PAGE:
Companies that have been in business for a long time often have updated and changed the logo or slogan used in advertising. Collectors can usually identify the age of the ad from the words and pictures that were used. Cracker Jack was first sold in 1896 from a cart in Chicago. The mixture of popcorn, molasses and peanuts, sometimes called the first junk food in America, was very popular. It sold well at the Chicago World’s Fair and got even more notice when the familiar song sung at ball games said, “Buy me some peanuts and Cracker Jack.”
The company developed a box that held a single serving, added coupons for prizes in 1910, then small toys in 1912, and in 2013, a code that leads to an online puzzle or game. The box has pictured the sailor boy (the founder’s son) and his dog Bingo since 1918, often changing their looks. This 9-by-14-inch die-cut cardboard store sign pictures an early version of the sailor boy. It sold at a Kimball Sterling auction for $615. The early toys are popular with collectors, and there is even a Cracker Jack Collectors Association. The most expensive prize? The baseball card series from 1914-1915, worth over $100,000.
Q. I have a Josef Originals “Doll of the Month” figurine for the month of July. She’s holding a gray kitten in her left hand. A gold and black sticker on the front of her dress says “July.” A second sticker says “Josef Originals.” Some of the sticker is gone. The hang tag has a little poem. What is the value of the doll?
A. Muriel Joseph George began making ceramic figurines in the basement of her home in California in 1945. A printer’s error on the first labels changed the spelling from “Joseph” to “Josef” and that became the company name. Production moved to Japan in 1962. The company was sold several times beginning in 1982. The value of your figurine is $25 to $40.
Q. I saved your article on cleaning collectibles and find it very helpful. I have a lovely lacquered tray on a stand that has several dull spots. We lived in Japan for five years and bought the tray there. At some point, my cleaning help used a rag that probably had polish of some sort on it. How can I restore the finish?
A. Lacquer should be kept out of strong light, which can dull the finish. It should be dusted with a feather duster, not a cloth that might have residual polish on it or one that could scratch the surface. Sources online suggest using carnauba wax and a lambswool buffer to restore damaged pieces, but if only some of the finish is damaged, this isn’t a good idea. If it’s a piece you love and want to keep on display, it would be worth taking the tray to someone who restores antiques. A good restoration by an amateur is almost impossible on lacquer.
Q. A porcelain group showing a wicker basket with four babies’ faces peeking out from under the lid has been in my family for years. The basket is actually a box with a removable lid. It’s decorated with leaves and a lock and key and is 9 1/2 inches long by 8 inches high and 6 inches deep. A very lightly impressed mark with a rounded top is on the bottom. Can you provide any information on it as well as possible value? It is in perfect condition.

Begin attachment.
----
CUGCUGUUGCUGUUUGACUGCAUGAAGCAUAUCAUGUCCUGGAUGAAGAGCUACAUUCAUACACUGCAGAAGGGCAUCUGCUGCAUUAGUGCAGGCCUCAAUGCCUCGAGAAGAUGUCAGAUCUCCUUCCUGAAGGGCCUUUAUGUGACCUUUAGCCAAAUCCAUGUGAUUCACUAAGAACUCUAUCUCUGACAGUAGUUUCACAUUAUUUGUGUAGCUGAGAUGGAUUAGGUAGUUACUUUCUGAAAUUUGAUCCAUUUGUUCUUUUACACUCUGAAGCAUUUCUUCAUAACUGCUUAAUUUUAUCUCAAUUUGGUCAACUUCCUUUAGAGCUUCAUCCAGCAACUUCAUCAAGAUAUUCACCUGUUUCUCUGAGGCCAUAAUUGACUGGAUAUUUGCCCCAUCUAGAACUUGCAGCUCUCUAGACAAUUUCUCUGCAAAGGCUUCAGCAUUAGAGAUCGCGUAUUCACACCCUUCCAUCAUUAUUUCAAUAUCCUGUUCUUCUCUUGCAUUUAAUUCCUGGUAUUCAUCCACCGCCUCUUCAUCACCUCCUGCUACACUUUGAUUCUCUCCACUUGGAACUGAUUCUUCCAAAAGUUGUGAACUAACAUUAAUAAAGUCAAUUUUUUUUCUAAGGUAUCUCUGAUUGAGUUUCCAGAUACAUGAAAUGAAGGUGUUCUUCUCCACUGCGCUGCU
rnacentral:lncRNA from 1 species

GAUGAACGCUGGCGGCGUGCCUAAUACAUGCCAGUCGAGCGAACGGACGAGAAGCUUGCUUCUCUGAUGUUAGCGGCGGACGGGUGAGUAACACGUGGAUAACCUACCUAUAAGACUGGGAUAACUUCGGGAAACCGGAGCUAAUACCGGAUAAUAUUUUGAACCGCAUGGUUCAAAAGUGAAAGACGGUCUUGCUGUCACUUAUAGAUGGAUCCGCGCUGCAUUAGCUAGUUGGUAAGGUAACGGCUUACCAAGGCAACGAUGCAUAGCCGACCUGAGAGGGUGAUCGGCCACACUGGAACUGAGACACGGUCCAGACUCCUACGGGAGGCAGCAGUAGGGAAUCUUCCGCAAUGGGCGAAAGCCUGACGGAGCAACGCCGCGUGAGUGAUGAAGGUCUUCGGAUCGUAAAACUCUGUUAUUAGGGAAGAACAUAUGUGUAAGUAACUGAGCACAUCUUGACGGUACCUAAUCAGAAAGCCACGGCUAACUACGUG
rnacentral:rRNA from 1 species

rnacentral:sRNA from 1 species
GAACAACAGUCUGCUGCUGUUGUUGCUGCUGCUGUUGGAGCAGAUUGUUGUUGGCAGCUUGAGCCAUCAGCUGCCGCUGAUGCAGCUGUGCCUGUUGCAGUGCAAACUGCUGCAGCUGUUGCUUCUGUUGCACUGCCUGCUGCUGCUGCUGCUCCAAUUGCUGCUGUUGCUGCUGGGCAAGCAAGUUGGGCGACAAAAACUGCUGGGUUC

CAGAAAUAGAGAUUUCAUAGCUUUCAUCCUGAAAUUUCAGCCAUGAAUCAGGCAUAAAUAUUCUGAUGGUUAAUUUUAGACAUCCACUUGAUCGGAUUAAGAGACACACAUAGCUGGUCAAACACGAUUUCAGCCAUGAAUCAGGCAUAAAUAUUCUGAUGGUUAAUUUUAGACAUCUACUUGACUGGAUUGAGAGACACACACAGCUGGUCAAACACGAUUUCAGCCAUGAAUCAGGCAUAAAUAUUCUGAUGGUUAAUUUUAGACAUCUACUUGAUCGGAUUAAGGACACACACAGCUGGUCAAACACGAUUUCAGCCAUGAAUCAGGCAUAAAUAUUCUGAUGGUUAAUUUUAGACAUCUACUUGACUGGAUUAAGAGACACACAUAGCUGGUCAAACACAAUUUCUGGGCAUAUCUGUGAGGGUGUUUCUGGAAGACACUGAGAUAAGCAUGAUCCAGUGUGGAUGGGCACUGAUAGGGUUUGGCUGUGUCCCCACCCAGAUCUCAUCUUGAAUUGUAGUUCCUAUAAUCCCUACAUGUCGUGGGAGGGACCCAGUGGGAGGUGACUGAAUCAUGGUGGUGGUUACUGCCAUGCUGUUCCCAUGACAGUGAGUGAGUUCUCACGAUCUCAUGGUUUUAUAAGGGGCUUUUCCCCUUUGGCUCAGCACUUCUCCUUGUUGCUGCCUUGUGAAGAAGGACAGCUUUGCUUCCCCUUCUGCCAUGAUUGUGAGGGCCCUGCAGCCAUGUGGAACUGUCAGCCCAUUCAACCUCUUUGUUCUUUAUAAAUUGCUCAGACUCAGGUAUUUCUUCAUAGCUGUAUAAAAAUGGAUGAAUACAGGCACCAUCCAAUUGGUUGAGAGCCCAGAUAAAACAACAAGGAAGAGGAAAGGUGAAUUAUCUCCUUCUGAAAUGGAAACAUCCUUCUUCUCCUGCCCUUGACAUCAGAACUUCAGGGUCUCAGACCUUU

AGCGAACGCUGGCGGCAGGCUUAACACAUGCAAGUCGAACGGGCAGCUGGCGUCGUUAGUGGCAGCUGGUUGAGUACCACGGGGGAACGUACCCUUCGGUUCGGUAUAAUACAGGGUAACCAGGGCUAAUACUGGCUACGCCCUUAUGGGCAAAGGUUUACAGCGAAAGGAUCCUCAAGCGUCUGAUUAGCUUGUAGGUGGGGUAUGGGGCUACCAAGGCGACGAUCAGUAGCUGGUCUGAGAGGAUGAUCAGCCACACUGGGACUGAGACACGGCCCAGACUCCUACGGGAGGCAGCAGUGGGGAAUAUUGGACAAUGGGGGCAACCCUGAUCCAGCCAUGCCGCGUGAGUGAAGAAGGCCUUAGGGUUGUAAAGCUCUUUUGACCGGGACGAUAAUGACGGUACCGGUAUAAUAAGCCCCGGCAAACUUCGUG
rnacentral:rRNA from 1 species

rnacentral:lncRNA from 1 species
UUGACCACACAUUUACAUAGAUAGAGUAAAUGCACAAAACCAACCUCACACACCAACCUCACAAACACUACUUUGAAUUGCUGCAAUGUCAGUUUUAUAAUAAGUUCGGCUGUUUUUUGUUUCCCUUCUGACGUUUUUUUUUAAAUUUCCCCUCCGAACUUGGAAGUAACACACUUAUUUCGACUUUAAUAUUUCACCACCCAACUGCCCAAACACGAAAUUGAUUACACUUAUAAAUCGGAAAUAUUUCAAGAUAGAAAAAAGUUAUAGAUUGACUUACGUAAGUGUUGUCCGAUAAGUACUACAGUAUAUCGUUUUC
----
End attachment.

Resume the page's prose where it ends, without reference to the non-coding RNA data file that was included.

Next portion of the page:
A. Gebruder Heubach, or Heubach Brothers, was a firm known for bisque dolls and doll heads. It operated in Lichten, Germany, from 1840 to about 1938. They also made bisque figurines beginning in the 1880s and glazed figurines in the 1900s. Heubach made the rare “Four Babies in a Basket” figural bisque group about 1910. Even more rare is the larger-sized basket, like yours. It’s prized for the realistic-looking wicker and baby faces with intaglio eyes, sculpted hair, molded teeth, blushing cheeks and chubby arms. A Gebruder Heubach mark, the sunburst over initials G and H that was registered in 1882, is incised on the bottom. We’ve seen a few sell from $1,300 to $3,000.
Q. I’ve been collecting “People’s Book Club” books for over 20 years and have over 100 of them. Some have jackets, others do not, but all are in really good shape. I’m downsizing and would like to sell the lot of them. Where can I take them to sell?
A. The People’s Book Club (PBC) was a mail-order book club started by Sears, Roebuck and Co. in July 1943. Special PBC editions of popular books were designed and printed in the Sears publishing house in Chicago and offered monthly at low prices to club members. Books were chosen based on the recommendations of “experts” and the interests of members, which was based on information supplied by George Gallup, the inventor of the Gallup Poll. The words “Selected by Your People’s Jury” are included on some book covers. The club continued until 1959. An antiquarian or used bookstore might buy your books. The books sell online for $3 to $35.
TIP: Dust glass Christmas ornaments with a feather duster.